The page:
View from the helicopter during a rescue operation after a vehicle carrying two adults and two children went over a cliff in Devil’s Slide, San Mateo county, California, U.S., January 2, 2023, plunging hundreds of feet, according to the Department of Forestry and Fire Protection, in this still image obtained from social media video.

CHP – Golden Gate Division | Reuters

Two adults and two children were rescued from a Tesla that plunged 250 feet off a cliff Monday morning in San Mateo County, California, officials said. 

The car was traveling southbound on the Pacific Coast Highway when it went over the cliff at Devil’s Slide, south of the Tom Lantos tunnel, and landed near the water’s edge below, the Cal Fire San Mateo-Santa Cruz Unit said. 

The car flipped and landed on its wheels in the fall, CAL FIRE/Coastside Fire Incident Commander Brian Pottenger said. Witnesses saw the accident and called 911. 

As crews were lowered down, they were able to see movement in the front seat, through their binoculars, meaning someone was alive.

“We were actually very shocked when we found survivable victims in the vehicle. So, that actually was a really hopeful moment for us,” Pottenger said. 

Fire officials called for helicopters to help hoist the survivors to safety. As they waited, firefighters rappelled to the scene and rescued the two children.

Rescue teams are seen at the scene as a Tesla with four occupants plunged over a cliff on Pacific Coast Highway 1 at Devils Slide on January 2, 2022 in San Mateo County, California, United States.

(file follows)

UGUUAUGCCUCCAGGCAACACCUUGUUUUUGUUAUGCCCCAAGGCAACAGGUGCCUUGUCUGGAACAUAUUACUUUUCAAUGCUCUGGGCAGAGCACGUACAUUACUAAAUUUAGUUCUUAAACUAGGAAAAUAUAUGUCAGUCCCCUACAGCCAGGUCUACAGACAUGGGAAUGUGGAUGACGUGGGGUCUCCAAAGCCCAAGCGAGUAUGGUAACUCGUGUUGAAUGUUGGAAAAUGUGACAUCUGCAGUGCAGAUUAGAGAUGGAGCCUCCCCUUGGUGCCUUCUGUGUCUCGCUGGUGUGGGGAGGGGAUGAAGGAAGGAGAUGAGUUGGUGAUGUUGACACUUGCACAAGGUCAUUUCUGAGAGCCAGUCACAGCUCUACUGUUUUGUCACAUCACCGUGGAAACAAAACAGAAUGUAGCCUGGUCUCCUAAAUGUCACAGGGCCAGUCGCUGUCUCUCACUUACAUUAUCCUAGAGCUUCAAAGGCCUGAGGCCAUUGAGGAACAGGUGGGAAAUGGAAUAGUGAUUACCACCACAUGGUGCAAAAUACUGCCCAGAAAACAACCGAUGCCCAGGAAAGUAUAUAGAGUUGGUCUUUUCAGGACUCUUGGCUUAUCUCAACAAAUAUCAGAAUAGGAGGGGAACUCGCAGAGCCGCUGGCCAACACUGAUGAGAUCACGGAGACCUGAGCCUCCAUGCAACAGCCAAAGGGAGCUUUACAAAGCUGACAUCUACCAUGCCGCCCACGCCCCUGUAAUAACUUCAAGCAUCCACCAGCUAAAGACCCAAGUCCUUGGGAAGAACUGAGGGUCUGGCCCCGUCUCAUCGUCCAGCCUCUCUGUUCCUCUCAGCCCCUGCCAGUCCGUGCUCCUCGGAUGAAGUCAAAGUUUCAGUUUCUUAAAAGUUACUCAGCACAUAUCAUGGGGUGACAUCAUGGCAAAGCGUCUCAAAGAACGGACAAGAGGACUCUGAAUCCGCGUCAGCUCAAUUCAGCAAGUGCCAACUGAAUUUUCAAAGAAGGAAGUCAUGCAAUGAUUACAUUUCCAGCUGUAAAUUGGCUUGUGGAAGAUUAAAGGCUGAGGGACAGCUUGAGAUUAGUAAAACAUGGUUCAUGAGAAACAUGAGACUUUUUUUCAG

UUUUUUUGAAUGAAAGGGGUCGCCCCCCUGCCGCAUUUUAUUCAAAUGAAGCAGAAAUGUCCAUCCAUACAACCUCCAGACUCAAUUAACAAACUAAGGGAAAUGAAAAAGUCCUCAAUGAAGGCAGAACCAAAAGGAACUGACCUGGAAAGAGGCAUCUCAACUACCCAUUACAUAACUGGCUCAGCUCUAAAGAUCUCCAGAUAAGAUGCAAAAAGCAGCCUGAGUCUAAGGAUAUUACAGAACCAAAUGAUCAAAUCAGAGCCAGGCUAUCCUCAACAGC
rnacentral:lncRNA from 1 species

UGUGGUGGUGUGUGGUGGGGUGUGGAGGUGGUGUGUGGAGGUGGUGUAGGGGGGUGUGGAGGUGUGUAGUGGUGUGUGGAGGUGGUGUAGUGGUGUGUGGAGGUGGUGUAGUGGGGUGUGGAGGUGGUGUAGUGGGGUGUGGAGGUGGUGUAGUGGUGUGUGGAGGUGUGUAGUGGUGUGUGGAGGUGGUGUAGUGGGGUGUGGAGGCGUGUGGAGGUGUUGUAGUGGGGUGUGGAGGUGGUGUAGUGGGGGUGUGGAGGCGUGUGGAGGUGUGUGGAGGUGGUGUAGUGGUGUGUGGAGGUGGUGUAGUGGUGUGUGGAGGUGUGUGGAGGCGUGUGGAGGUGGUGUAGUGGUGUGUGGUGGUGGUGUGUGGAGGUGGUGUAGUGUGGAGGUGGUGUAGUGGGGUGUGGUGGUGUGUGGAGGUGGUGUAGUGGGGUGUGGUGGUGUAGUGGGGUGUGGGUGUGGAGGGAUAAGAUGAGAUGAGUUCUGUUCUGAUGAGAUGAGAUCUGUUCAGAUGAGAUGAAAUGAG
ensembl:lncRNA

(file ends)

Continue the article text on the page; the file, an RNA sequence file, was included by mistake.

Tayfun Coskun | Anadolu Agency | Getty Images

The California Highway Patrol shared video on social media showing helicopters lower first responders to the scene to extricate and rescue two adults inside. 

All four were hospitalized. The San Mateo Sheriff’s Office said the two adults suffered non-life-threatening injuries and the two children were unharmed.

It’s not clear what caused the car to go over the cliff. CHP is handling the investigation. 

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Tesla shares tumble more than 10% following deliveries report

Tesla vehicles are shown at a sales and service center in Vista, California, June 3, 2022.

Mike Blake | Reuters

Shares of Tesla dropped 13% on Tuesday morning, a day after the electric auto maker reported fourth-quarter vehicle production and delivery numbers for 2022.

Deliveries are the closest approximation of sales disclosed by Tesla. The company reported 405,278 total deliveries for the quarter and 1.31 million total deliveries for the year. These numbers represented a record for the Elon Musk-led automaker and growth of 40% in deliveries year over year, but they fell shy of analysts’ expectations.

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Some analysts see a buying opportunity in Tesla for 2023 despite persistent demand pressures

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According to a consensus of analysts’ estimates compiled by FactSet, as of Dec. 31, 2022, Wall Street was expecting Tesla to report around 427,000 deliveries for the final quarter of the year. Estimates updated in December, and included in the FactSet consensus, ranged from 409,000 to 433,000.

Those more recent estimates were in line with a company-compiled consensus distributed by Tesla investor relations Vice President Martin Viecha. 

Some Wall Street analysts think Tesla’s deliveries miss spells trouble for the electric vehicle maker, but others see a buying opportunity for the company in 2023.